With the rain still falling, and a fancy for some lazy seated birding for the afternoon, we walked the track down from the lodge for just over 1.7km to find this haven for hummers. Tony and his wife bought some unused pasture land 10 years ago, and now own something like 100 acres, which has been transformed into a bird oasis. He is more than happy to accept birders into his garden, which has undergone an amazing transformation due to their hard work, including building the house themselves. Thus for the price of $5 each (to help towards the filling of the feeders), and a request not to wear boots on the upper balcony, there is the opportunity to observe a hummingbird city.
A considerable amount of time was spent on the lower balcony watching a thriving mass of hummingbirds. The numbers visiting the feeders at the lodge seemed impressive, but these were far outshone by the product of Tony's sugar feeders. Many of the species from slightly higher up were again present, but new species such as Brown Inca, White-bellied Woodstar, Blue-tailed Emerald, and Rufous-tailed Hummingbird were added. In addition, there were much higher numbers of Purple-throated Woodstar and Booted Racket-tail, with the latter having frequent squabbles in midair.
Not many birds other than hummers visited this central part of the garden, but Tony's guided tour did show the potential for variation. With a garden list of around 350, this always had to be the case. In the immediate environs of the house, we saw Black-winged Saltator, Black-capped Tanager and Slaty-throated Whitestart. A marauding flock of Red-billed Parrots kept returning to plunder the corn crop. A walk along one of the trails for a short way added Crimson-mantled Woodpecker, Blue- & Black-capped Tanager, and Golden Tanager.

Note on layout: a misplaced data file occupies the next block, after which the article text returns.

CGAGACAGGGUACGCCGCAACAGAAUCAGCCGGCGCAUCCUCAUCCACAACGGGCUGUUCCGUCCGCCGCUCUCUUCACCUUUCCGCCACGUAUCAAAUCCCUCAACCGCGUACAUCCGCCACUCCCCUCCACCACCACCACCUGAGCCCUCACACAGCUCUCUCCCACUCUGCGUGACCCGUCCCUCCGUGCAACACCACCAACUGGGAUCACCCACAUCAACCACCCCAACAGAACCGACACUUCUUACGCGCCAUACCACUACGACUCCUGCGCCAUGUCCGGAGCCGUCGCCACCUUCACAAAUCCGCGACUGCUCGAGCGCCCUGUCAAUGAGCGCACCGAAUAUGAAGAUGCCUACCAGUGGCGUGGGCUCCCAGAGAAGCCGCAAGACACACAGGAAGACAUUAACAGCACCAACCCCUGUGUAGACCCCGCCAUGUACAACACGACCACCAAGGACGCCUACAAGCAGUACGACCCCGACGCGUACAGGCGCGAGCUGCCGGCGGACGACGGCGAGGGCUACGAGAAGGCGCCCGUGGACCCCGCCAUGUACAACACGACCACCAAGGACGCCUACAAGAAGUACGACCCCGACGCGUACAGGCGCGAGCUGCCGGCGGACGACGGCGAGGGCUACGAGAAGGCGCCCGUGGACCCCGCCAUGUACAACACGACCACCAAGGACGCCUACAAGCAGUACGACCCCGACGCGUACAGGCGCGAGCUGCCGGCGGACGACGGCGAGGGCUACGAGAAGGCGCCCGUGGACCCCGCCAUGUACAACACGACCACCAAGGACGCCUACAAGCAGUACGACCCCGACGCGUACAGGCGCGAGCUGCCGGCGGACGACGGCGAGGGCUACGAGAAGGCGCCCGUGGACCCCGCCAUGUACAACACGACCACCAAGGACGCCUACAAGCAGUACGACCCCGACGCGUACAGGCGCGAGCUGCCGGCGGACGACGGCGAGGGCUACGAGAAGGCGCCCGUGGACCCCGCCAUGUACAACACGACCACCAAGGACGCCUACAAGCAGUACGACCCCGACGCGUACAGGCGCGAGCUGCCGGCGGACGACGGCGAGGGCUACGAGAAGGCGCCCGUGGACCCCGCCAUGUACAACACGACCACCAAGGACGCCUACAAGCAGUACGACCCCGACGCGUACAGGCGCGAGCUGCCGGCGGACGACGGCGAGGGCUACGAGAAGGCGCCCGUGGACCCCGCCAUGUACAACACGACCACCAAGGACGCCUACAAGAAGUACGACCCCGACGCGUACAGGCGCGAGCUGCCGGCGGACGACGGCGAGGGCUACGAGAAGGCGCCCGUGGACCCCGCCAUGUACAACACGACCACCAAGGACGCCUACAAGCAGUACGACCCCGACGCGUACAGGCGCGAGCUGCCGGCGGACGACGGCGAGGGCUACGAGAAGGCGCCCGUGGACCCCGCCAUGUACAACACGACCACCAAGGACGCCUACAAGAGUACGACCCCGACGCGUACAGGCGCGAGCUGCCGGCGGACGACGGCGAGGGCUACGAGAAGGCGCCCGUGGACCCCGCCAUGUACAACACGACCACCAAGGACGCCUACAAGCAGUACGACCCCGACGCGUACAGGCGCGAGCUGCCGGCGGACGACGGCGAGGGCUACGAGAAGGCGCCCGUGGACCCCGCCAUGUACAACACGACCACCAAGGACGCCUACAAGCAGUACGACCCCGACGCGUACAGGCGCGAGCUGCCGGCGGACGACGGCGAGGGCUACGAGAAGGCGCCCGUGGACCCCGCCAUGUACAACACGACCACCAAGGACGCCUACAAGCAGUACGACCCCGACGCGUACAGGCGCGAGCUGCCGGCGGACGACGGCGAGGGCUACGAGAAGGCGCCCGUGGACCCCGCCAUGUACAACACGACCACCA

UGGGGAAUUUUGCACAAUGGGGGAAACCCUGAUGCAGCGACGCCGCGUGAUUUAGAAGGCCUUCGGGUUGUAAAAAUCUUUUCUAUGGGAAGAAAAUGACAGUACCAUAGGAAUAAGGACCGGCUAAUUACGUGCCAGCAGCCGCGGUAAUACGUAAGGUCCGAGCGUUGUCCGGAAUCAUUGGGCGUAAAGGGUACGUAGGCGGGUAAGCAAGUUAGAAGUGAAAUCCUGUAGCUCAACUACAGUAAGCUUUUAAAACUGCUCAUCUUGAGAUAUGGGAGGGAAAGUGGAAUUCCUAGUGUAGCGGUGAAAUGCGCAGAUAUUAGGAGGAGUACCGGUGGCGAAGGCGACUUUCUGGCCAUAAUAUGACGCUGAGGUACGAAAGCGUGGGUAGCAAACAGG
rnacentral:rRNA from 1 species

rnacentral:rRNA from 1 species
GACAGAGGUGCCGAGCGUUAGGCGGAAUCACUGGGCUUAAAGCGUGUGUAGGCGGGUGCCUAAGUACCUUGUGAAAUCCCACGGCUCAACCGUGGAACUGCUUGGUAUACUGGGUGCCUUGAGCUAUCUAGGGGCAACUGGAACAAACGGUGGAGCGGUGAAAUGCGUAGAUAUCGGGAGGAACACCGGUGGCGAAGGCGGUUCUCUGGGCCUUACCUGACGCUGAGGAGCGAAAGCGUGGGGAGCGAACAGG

It was difficult to eventually tear ourselves away from the spectacle, but with a longish uphill walk to complete we left with plenty of light left. Compensation for this came in a Sickle-winged Guan perched at the top of a trackside tree, uttering its pathetic and somewhat squeaky call.
Tandayapa (Day 3)
Tandayapa is reputedly one of the Holy Grails of birding, and while the visit was enjoyable, other sites were more rewarding. This may be due to the expectation surrounding the place, or even the seasonal timing. Our visit consisted of an initial walk around one of the trails, followed by the traditional viewing of the hummingbird feeders. However, one of the highlights of the day had to be completed first - the visit to the hide to wait for Immaculate Antbird. The hide is of a slightly unusual design, having full length mesh "windows" instead of shutters, and outside a light on the ground to attract moths and other insect food for the birds. The Antbird duly put in a reasonably brief appearance shortly after we arrived, which was unfortunately still in the semi dark. Not many other birds are to be seen from here, so we departed within 20 minutes of arriving.
Since the hummingbirds are guaranteed throughout the day, a walk along the Potoo Trail was decided upon. Most of this was through dense forest, and up muddy tracks, with very little birdlife on offer. Strangely, the most regular bird seen was a "world target" - 6 Andean Cock-of-the-Rocks. These were initially picked up by raucous call, and it was only the last bird which could be seen perched. It was when we were about half way around the trail that birds started to appear. First off was a small bird party which included wood-warblers and one or two other small passerines, with a Blue-capped Tanager close by. Band-tailed Pigeons outnumbered Plumbeous Pigeons here, with small parties regularly seen. It was at this point that we had our first major mammal of the trip, with a Tyra padding its way along the horizontal branches. When we had almost completed the descent, the terrain opened up, and we spotted perched Tropical Parula, Slate-throated Whitestarts, Brown-capped Vireos, and a noisy Golden-crowned Flycatcher. The Potoo Trail terminated at the start of the Tandayapa entrance track, which meant one more climb before the breakfast waiting in the car.